- Is Dumbledore actually dead?
- Did Dumbledore have more to explain to Harry?
- With this death, will Harry be able to overcome Voldemort and his followers?
Of course, what Dumbledore knows is that spells of rare power will not be effective against Voldemort, his power is too great to be overcome by any wizard or witch in head to head combat. Dumbledore knows that the only power that can defeat Voldemort is a power he discounts, and knows that the one person who has prevailed against Voldemort so far, Harry, did so because of the power of love, an emotion Voldemort does not feel and therefore cannot fully understand. It will be seen in the final book of the series, that Voldemort's death is a spell he casts himself, again being reflected onto him by the protection originally afforded to Harry by his mother's love, then extended by Voldemort's use of Harry's blood to reanimate himself.
What Dumbledore has been teaching Harry is Voldemort's weakness, and the steps Voldemort has taken to shield that weakness. Harry has learned that Voldemort fears death, and has created Horcruxes to prevent his death, and has provided invaluable help in determining the number of Horcruxes that must be destroyed to put a final end to Voldemort. In this way, Harry learns the importance of the Horcruxes and the need for their destruction, and in so learning, willingly accepts the mission Dumbledore has for him, that of finding and destroying the remaining Horcruxes. Harry will later find that this mission requires that he allow Voldemort to kill him, a fate he accepts possibly because he has accepted the mission wholly, rather than having had it assigned to him.
We will also learn that Dumbledore had carefully concealed knowledge of another set of supposedly death-defying artifacts, the Deathly Hallows, in order to prevent Harry getting distracted in his quest for the Horcruxes. In this latter, Dumbledore is remembering how his own imagination had been fired by the belief in the Hallows, when he was the age Harry is in this book, and is trying to prevent Harry from falling under that thrall. Dumbledore knows, however, that knowledge of the Hallows will become necessary for Harry's quest, and so arranges clues to the Hallows for the Trio to find.
We find out in Harry Potter and the Deathly Hallows that Dumbledore, cursed by contact with the Horcrux ring containing the Resurrection Stone, is saved from immediate death only by the actions of Severus Snape. Dumbledore, already aware that Voldemort had set Draco the task of killing Dumbledore, and now aware that the curse had given him at most another year of life, then arranged with Snape that Snape was to kill Dumbledore when the time came, presumably when Draco Malfoy failed. This is what compelled Snape to kill Dumbledore by cursing him off the Astronomy Tower at Hogwarts in front of numerous Death Eaters, after Dumbledore and Harry had returned from Voldemort's cave. This is likely also why Snape was prepared to make the Unbreakable Vow with Narcissa that he would complete Draco's mission if he were to fail; he knew that he had already given his word to Dumbledore to do so. (The timing is implicit in the story, rather than explicit; in conversation with Narcissa and Bellatrix at Spinners' End, Snape comments that Dumbledore has received an injury due to his slowing reflexes, and in Snape's memories later we see that immediately after he received that injury, he was discussing Draco's mission with Snape. Thus Dumbledore must have been aware of Draco's mission, and Snape will have promised Dumbledore that he would complete Draco's mission, before Snape talked to Narcissa.) Dumbledore knew it had to be Snape in order for Snape to 'prove' his fealty to Voldemort; also, he preferred his death to be at the hands of someone nominally sympathetic, rather than someone (like Bellatrix or Fenrir Greyback) who would choose to humiliate him as well as kill him. This would put Snape in a good position to remain in control of Dumbledore's school, which Dumbledore thought would give the school and the students a better chance than if anyone else had taken over as headmaster.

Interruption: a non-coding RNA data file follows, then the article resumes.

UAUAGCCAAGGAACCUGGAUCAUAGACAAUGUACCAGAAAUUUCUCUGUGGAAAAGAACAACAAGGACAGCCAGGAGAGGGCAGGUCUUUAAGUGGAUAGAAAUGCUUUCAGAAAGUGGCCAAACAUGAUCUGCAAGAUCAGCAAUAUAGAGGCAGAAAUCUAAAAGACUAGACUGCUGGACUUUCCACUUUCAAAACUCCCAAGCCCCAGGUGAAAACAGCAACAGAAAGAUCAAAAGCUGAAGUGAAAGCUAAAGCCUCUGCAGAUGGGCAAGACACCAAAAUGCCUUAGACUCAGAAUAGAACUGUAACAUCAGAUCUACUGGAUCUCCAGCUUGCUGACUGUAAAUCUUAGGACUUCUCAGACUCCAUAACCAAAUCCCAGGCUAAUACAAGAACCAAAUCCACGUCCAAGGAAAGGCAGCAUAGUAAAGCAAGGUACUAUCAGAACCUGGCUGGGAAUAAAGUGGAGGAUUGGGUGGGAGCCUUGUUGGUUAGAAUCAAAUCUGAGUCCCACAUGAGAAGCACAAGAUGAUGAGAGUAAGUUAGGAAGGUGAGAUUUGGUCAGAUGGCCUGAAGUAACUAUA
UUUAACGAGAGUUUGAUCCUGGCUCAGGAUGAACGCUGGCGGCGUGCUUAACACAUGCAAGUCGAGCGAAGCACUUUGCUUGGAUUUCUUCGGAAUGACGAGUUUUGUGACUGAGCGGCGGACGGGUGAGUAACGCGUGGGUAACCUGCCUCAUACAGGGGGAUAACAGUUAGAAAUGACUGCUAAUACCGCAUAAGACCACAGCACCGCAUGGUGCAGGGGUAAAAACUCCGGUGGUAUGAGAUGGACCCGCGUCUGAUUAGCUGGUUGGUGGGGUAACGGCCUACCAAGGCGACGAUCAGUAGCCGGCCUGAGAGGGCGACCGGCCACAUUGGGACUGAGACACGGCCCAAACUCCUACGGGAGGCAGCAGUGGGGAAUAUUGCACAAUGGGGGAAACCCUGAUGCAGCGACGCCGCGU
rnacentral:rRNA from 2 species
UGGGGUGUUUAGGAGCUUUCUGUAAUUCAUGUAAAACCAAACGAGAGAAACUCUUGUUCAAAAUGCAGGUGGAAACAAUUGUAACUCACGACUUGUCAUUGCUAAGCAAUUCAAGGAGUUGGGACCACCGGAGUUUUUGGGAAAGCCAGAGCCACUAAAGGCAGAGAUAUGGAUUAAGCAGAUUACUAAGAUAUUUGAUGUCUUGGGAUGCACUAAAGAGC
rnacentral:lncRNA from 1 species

Dumbledore also had major concerns about the Elder Wand, one of the three Deathly Hallows. Dumbledore felt, justifiably given its history, that having a wand with the reputation of being undefeatable in a duel would be a very bad thing for the world. He expected that the Elder Wand's power would die with him; Snape would win its allegiance by killing Dumbledore, and then the wand would rest in Dumbledore's tomb. When Snape passed, undefeated, the power of the wand would end. Dumbledore, apparently, had made the common mistake of believing that the wand transferred its allegiance on the death of its holder, despite the fact that two previous holders of the wand were still alive at the time. As Harry found out from Mr. Ollivander in Shell Cottage, a wand's allegiance is not won by the death of its master, but by having control of the wand wrested from its owner. (This is why the stubby wand Ron had taken from the Snatcher never worked for Harry; Harry had not taken it away from anyone, so it had not shifted its allegiance away from Ron, who had stolen it from the Snatcher.) Thus the Elder Wand had transferred its allegiance to Draco Malfoy when Malfoy spelled it out of Dumbledore's hand. A somewhat tenuous link then allows it to transfer its allegiance to Harry, who will re-entomb it with Dumbledore.